Yanny vs Laurel

So here’s the clip…..

Which name do you hear? This conundrum has been driving people crazy over the past week or so and this is just one of zillions of posts, Tweets and general online chatter as to which word is actually being spoken. It’s remarkable. I’ve seen footage of two people equally convinced of the word they heard but one of them quite categorically hears “yanny” whereas the other equally hears “laurel”. What has fascinated people is the fact that whichever word you hear there is no ambiguity about it and you cannot understand how someone else could hear a completely different word. Not since the gold dress / blue dress has there been such an online kerfuffle!

Look at the two words- they don’t even seem that alike. Yanny and Laurel could be the name of a Sixties folk duo! If you just saw the words written down out of context you’d never imagine it would be possible to mix them up but this is what has happened. So what is going on? A psychology professor no less- David Alais from Sydney University - explained last week to a bemused world which probably remained just as bemused afterwards. The words he said are a “perceptually ambiguous stimulus”.  There you go then. What he means is that it’s the aural equivalent of those pictures where you might see a face or a vase for example. He reckons the brain “flips back and forth” because it can’t really work out what the answer is. Though the words do not look similar when you speak them they do, he says, have a similar “timing and energy content.”
The suggestion is that your age is a determining factor with older people more liable to hear “Yanny” though that doesn’t explain the clips I’ve seen with younger people hearing it. The issue of the accent is important too- the voice may sound computer generated but it has an American accent which could make the words sound different to non- Americans. What you listen to the clip on may also affect your interpretation as there’s a difference in the sound you’d get from a smartphone as opposed to through big speakers. For example the clip above is from The Guardian and much cleaner than any other version I’ve heard.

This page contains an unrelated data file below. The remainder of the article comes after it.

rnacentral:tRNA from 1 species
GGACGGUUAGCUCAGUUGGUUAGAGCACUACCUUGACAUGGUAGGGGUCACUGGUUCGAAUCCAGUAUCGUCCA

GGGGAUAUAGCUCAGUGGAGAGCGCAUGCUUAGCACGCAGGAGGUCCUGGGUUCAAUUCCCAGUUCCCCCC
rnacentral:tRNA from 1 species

There do seem to be more stories supporting the idea that “Laurel` was/ is the word but then outlining the reasons why half the people who hear it think it says “Yanny”. If you want a plausible explanation then there is one but in the end that might be less interesting than continuing to speculate on which word it actually is.  Go the foot of the post if you want to find out.
There have been lots of polls in which the results may have been inconclusive but have generated huge debate over the past week or so. One thing that has puzzled me is what “Yanny” means. “Laurel” is a name or a type of tree but what –or who- is a Yanny? Amusingly Vocabulary.com has added a definition describing it as “a word or a phrase that is capable of distracting the entire Internet for at least 24 hours”. More sensibly it is also used as a boy’s name in Greece where it means “gracious”.
After a week there is no sign that the whole thing will float away until everyone has heard the clip and made up their mind what it is saying. What word do I hear? Well that’s obvious isn’t it!
An explanation for those who need to know - The clip has been traced back to a recording made by opera singer Jay Aubrey Jones for Vocabulary.com back in 2007. This has subsquently been compressed and in that process part of the sound spectrum was lost meaning that some letters can be mis-heard as others. Our brains and ears will only pick up the strongest frequencies and this is where I got lost but if you go to lifehacker.com you can find a long technical explanation and the reveal as to which word it actually is.
Alternatively you can just carry on arguing about it!!

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